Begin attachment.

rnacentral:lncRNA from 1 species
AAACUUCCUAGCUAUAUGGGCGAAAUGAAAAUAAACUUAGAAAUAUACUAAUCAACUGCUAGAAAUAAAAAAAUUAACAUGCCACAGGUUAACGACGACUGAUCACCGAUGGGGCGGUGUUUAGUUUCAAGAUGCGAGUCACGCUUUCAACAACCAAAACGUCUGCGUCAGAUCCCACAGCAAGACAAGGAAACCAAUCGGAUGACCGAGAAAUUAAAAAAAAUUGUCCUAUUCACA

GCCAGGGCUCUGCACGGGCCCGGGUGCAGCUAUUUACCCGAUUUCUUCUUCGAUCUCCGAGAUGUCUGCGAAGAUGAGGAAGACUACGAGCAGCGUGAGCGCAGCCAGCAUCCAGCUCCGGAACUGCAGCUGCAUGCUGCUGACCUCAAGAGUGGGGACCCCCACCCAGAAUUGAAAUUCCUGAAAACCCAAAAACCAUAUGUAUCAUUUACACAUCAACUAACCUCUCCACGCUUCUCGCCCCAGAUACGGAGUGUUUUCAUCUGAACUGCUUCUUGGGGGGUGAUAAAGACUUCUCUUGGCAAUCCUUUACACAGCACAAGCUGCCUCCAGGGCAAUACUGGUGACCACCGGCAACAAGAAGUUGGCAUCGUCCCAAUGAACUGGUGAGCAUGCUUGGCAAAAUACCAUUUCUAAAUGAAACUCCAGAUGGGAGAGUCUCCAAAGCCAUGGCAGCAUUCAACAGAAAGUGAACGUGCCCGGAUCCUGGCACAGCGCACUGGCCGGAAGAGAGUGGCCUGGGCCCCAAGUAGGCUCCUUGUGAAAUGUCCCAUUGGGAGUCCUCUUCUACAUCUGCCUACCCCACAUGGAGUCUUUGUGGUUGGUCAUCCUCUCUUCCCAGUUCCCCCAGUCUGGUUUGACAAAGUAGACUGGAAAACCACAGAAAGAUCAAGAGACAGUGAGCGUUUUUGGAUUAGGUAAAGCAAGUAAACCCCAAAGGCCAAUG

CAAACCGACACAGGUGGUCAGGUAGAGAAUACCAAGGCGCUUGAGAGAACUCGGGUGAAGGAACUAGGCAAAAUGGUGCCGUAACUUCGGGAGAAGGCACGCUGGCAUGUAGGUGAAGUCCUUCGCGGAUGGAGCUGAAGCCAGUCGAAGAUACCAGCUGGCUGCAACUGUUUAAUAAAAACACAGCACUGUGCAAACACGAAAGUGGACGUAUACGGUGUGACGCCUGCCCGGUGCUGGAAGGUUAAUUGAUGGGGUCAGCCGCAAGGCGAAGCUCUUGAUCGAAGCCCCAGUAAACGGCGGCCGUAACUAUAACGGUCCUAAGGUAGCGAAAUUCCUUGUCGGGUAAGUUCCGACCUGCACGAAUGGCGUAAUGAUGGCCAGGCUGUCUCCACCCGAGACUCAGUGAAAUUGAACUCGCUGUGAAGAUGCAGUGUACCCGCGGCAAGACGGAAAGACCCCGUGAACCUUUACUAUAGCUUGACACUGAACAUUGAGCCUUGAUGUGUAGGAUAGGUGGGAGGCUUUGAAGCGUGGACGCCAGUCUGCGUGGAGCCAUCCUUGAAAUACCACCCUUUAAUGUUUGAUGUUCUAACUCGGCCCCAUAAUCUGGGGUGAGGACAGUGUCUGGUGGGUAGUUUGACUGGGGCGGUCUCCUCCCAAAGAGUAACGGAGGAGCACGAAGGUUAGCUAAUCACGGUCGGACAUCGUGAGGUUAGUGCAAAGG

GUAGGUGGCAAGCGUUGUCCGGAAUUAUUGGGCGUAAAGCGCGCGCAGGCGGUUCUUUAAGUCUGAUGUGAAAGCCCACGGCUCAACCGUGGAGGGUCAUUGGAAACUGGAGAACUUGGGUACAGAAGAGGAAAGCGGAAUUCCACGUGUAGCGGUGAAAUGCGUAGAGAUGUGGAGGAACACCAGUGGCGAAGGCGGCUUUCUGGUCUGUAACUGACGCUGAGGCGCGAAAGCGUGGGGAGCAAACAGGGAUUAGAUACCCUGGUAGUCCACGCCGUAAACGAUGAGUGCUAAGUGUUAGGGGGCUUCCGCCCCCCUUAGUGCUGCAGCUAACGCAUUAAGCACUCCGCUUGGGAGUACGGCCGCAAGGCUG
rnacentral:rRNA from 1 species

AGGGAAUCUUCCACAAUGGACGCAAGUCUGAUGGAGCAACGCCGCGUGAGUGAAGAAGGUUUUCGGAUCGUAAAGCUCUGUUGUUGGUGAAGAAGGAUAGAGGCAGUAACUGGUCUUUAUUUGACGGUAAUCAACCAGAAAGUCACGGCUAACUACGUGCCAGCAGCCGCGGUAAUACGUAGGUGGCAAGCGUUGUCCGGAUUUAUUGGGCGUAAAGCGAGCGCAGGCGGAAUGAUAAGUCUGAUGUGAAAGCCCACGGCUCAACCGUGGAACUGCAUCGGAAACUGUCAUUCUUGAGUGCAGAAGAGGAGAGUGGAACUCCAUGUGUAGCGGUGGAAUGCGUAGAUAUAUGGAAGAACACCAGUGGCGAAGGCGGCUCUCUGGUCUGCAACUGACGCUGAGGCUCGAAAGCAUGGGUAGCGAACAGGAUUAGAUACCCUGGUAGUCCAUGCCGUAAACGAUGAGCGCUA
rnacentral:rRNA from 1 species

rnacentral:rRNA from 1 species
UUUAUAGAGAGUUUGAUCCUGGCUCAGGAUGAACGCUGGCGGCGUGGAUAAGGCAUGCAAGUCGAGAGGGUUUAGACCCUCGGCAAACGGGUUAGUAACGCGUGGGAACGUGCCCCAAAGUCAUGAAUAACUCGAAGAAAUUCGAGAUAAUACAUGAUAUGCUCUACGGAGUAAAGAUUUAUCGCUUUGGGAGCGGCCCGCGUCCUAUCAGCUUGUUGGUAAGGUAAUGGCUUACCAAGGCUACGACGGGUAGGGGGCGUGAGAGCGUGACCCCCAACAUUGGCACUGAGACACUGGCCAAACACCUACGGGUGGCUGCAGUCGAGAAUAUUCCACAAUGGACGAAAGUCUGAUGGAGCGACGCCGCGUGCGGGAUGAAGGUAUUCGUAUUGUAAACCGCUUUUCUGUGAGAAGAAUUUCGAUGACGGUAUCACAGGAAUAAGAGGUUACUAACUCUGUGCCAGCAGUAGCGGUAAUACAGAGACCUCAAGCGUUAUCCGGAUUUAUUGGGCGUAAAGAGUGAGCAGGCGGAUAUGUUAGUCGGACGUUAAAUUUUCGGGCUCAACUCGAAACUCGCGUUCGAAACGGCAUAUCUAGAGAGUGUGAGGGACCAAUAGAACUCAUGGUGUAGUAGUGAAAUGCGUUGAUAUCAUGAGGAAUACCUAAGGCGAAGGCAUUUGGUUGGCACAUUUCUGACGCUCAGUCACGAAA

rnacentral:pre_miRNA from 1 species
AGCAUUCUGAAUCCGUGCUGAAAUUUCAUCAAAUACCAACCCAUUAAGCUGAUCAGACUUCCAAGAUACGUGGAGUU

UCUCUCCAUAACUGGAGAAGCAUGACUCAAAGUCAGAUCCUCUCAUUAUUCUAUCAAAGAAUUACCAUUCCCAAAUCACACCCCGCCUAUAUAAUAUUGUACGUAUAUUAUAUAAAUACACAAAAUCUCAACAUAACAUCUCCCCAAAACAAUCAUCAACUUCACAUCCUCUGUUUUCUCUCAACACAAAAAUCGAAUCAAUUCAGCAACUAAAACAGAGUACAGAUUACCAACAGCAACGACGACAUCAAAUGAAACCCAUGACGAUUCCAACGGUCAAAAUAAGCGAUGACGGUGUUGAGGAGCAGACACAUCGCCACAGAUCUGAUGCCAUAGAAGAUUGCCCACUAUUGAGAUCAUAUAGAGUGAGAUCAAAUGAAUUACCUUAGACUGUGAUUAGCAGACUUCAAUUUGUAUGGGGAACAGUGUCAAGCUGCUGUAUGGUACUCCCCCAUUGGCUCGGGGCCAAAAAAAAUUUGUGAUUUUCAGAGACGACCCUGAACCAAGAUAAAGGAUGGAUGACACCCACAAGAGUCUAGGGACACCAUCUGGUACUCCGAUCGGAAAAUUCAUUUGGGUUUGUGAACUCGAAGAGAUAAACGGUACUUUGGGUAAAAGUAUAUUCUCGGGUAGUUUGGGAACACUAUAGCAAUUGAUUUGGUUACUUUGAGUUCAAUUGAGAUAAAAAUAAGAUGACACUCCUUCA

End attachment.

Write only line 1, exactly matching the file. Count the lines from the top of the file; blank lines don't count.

rnacentral:lncRNA from 1 species